Keep calm and carry on with Christmas parties, says minister

A minister has urged people to “keep calm and carry on” with their festive plans. Oliver Dowden, the Conservatives’ co-chairman, insisted this morning that the Tories were not telling people to cancel Christmas parties.

However, a member of the Joint Committee on Vaccinations contradicted him, saying that people should avoid going to parties.

Professor Adam Finn, a member of the JCVI, told Times Radio that people should be encouraged to work from home, wear masks and take regular lateral flow tests to counter the threat of Omicron. He advised the public not to attend parties.

Meanwhile, government departments cancelled their office parties yesterday despite the prime minister urging them to go ahead. The education department suspended plans for its annual talent show, which was due to happen in person and be streamed for staff working from home.

Finn said: “Personally, I’m encouraging my team to pass on Christmas parties this year because we want to keep the workplace safe. I’ve certainly been wearing masks in public places and working from home and doing all of those things all the way through since the summer. So that would be my advice.

“This problem is still with us and if we all do the necessary to try and reduce viral spread, then we’ll all be in a better place next year.”

Dowden dismissed concerns from scientists and said that people did not need to change plans because of the Omicron variant. “I would say to people keep calm and carry on with your Christmas plans,” he said.

The education department has suspended plans for its annual talent show, which was due to happen in person and streamed for staff working from home. The business department decided not to hold a staff Christmas party.

Boris Johnson, Rishi Sunak and Sajid Javid had all insisted that big Christmas celebrations should go ahead, despite the danger from the Omicron variant. “We don’t want people to feel that they need to start cancelling things,” the prime minister said yesterday. “You talk about kids in nativity plays and that kind of thing — I don’t think there’s any need to stop that at all.

“We’re taking a balanced and proportionate approach to the risk, but I want and I believe that Christmas this year will be considerably better than Christmas last year.”

Sunak, the chancellor, said: “People don’t need to cancel Christmas parties but they should follow the guidance.”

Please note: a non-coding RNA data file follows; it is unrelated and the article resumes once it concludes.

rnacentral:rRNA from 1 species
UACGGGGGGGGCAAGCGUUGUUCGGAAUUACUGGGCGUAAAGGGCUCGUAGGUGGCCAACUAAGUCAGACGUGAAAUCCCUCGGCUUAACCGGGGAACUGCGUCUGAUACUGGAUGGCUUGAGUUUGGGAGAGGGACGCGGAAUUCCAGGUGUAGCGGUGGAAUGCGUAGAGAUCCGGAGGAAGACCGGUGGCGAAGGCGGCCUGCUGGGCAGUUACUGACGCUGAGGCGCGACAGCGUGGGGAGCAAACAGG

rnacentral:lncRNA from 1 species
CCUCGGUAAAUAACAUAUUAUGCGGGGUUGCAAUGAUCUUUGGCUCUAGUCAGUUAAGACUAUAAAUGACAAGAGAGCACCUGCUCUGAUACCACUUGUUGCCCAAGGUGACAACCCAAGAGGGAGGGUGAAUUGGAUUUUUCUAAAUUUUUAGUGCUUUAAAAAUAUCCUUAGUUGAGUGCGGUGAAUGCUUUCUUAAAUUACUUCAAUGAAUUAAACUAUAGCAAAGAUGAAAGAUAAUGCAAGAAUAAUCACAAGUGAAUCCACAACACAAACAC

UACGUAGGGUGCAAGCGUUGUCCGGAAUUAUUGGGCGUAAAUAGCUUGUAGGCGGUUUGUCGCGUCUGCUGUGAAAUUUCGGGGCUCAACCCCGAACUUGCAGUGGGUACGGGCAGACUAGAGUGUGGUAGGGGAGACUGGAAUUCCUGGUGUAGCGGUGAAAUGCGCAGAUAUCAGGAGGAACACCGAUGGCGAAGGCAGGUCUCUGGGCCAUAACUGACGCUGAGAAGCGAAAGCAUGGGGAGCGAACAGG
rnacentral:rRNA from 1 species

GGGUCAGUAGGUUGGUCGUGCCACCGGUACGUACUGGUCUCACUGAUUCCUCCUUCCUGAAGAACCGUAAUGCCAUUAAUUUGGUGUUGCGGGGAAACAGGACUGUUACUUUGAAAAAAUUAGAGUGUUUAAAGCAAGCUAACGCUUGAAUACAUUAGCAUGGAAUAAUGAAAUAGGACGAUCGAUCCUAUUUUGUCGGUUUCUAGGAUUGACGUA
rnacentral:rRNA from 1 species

Javid, the health secretary, made the same point, saying: “Keep having your Christmas parties and your get-togethers and enjoy yourself, but please be cautious and follow the guidance.” The health department had not planned a big Christmas party, he added, but he would take some of his staff for dinner.

The government was accused of creating confusion when one minister said it was not sensible to host hundreds of people and another warned against “snogging under the mistletoe”.

George Freeman, a business minister, said that companies should reconsider parties for hundreds of staff. “The department of business won’t be having a big Christmas party this year. Nobody would expect us to,” he told Today on BBC Radio 4. “We’ll get together on Zoom and toast each other.”

Johnson’s spokesman said that there was no need to scale back Christmas parties. “There is nothing in the rules to prevent anyone from having Christmas parties,” he said. “The prime minister has been very clear on this. On Christmas parties, we don’t want people to cancel such events. There is no government guidance to that end.”

No 10 also insisted that people were free to kiss whomever they liked after Thérèse Coffey, the work and pensions secretary, warned against “snogging under the mistletoe”, and rejected claims that ministers had confused the public, saying that the official guidance was “easily available”.

Javid said earlier this week that it was “absolutely fine” for people to “go ahead with whatever we’ve planned for Christmas” including parties with hundreds of people, but encouraged them to take a lateral flow test first. He told Times Radio: “If I was going to a party with 300 or 400 people for Christmas, I would take a test before I go. I think it’s just a sensible precaution.”

Staff at University College London, NHS trusts, the toy company Bandai and Age UK used social media this week to report that staff parties had been cancelled.

Patrick Dardis, head of the pub group Young’s, which runs more than 270 sites across the UK, said that some Christmas bookings had been cancelled. “I think the messaging started as a complete overreaction and, unsurprisingly, it has concerned some people,” he said.

UK Hospitality, the British Institute of Innkeeping and the British Beer and Pub Association urged people not to cancel bookings. “The full range of hospitality venues across the UK would usually be experiencing their annual bookings bonanza at this time of year, but it hadn’t materialised even before Omicron,” they said.

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